Brendan Perlini

What is the Detroit Red Wings’ long-term outlook?

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With the 2019-20 NHL season on hold we are going to review where each NHL team stands at this moment until the season resumes. Here we take a look at the long-term outlook for the Detroit Red Wings.

Pending Free Agents

The Core

This is kind of an odd situation at the moment because the players with the longest contracts and biggest financial commitments are players that probably do not actually fit in with the long-term direction of the team.

For example, here is the list of players that are actually signed to contracts beyond this season: Dylan Larkin, Filip Zadina, Frans Nielsen, Justin Abdelkader, Darren Helm, Valtteri Filppula, Luke Glendening, Patrick Nemeth, Alex Biega, Danny DeKeyser, and Jonathan Bernier.

Out of that group, Larkin and Zadina (who is still on an entry-level contract) are the only ones that are under the age of 28.

Nemeth (who is 28) is the only other player under the age of 30.

Mantha, Bertuzzi, and perhaps Fabbri all figure to stick around for a while and are still under team control as restricted free agents this summer, but they are not technically signed yet.

All of that leaves general manager Steve Yzerman with a fairly clean slate to build from. He also has a couple of really interesting building blocks in Larkin, Mantha, and Zadina.

Larkin and Mantha may not be superstars, but they are still very good top-line players in the prime of their careers, and in Larkin’s case signed to a long-term deal. Mantha will need a new contract this summer but has blossomed into a potential 30-goal, possession driving power forward. Zadina is still a bit of a mystery, but he probably has the most potential of any young player in the organization and has flashed the ability that made him one of the most sought after goal-scoring prospects in his draft class.

Long-Term Needs

When you miss the playoffs four years in a row and are having one of the worst seasons in the modern history of the sport it is safe to say that you have a lot of needs at pretty much every position.

That is the case with the Red Wings.

More specifically, they need impact players.

They need a superstar forward they can build around and make the centerpiece of this entire thing. Maybe they will get some draft lottery luck and get the top pick, which is always a good place to start. It would also be helpful if Zadina blossomed into the top-shelf goal-scorer he was projected to be (and you should not give up on that possibility).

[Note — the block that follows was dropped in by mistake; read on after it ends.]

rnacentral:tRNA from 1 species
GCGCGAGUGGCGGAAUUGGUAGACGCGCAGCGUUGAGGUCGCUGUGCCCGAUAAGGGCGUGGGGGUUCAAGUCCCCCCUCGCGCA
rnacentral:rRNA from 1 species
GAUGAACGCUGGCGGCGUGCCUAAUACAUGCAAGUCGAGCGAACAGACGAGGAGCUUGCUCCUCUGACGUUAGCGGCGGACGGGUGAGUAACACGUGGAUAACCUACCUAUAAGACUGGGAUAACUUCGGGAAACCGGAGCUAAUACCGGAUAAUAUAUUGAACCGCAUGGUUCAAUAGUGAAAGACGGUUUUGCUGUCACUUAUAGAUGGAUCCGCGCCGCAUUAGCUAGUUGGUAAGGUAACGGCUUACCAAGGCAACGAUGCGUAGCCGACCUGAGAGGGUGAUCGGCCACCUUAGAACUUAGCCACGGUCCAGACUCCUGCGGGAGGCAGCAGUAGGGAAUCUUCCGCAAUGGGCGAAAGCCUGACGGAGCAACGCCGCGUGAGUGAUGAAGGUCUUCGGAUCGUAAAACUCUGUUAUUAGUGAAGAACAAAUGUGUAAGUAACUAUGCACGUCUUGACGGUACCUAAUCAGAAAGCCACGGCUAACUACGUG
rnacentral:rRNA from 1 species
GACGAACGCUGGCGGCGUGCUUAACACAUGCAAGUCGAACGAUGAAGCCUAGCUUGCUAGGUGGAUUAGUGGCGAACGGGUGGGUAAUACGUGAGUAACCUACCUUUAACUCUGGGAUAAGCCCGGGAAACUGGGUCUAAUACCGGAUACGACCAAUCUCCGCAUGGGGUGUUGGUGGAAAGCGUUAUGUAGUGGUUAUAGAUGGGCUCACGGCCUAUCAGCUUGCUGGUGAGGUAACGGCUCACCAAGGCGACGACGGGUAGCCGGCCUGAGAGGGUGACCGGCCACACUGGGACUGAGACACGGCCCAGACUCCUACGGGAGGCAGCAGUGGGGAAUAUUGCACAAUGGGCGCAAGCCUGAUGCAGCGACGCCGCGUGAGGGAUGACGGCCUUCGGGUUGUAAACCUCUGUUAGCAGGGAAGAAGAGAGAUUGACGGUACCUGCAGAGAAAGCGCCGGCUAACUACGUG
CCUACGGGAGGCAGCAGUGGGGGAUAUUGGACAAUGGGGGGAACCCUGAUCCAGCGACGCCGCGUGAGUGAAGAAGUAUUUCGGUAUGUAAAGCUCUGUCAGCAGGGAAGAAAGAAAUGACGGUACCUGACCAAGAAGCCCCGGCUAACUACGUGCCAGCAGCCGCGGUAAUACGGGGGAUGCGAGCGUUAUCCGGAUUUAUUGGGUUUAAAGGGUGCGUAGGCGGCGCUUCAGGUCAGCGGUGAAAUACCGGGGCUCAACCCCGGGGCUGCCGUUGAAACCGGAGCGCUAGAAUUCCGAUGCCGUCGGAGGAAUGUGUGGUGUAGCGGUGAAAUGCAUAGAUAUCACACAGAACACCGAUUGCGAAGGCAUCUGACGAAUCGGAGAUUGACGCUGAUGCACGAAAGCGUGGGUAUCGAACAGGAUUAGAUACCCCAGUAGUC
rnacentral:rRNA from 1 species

They also need a lot of long-term help on defense.

Moritz Seider, the No. 6 overall pick in 2019, is their best defense prospect, but he is probably a ways away from contributing as a top-pairing player.

Perhaps the biggest long-term hole in the organization though is in net. Howard and Bernier are both over the age of 31 and neither is likely to be standing in the crease for the Red Wings’ next playoff team. That goalie is also probably not in the organization right now.

Long-Term Strengths

It might just be the simple fact that they have a very successful and very good general manager that has a lot of resources to work with.

The salary cap situation is not perfect, but it is also not as bad as it looked a year or two ago. They have a couple of contracts they might like to shed (Nielsen, Abdelkader, DeKeyser) but it is nothing that is crushing them at the moment and there is some long-term flexibility there.

Along with having the best odds for the top pick in the 2020 NHL Draft, they also have 18 draft picks over the next two years, including seven in the first two rounds (two first-round picks, five second-round picks) in those classes.

That comes after making 11 selections in the 2019 class, including four in the first two rounds.

The best way to find NHL talent in the draft is to give yourself more chances at finding a player (more picks) and the Red Wings are overflowing with them. That helps increase the odds in your favor a bit.

Larkin and Mantha should also be viewed as strengths because both players are good enough and young enough to stick around in Detroit and play in meaningful games for the team. Larkin is one of the league’s fastest players, has great underlying numbers, and has become a 60-point player every year. The only thing that has stopped Mantha from being a 30-goal player the past two years has been injuries. There are a lot of positions that need to be addressed, but they have the right person in charge to do it and some pieces to work with.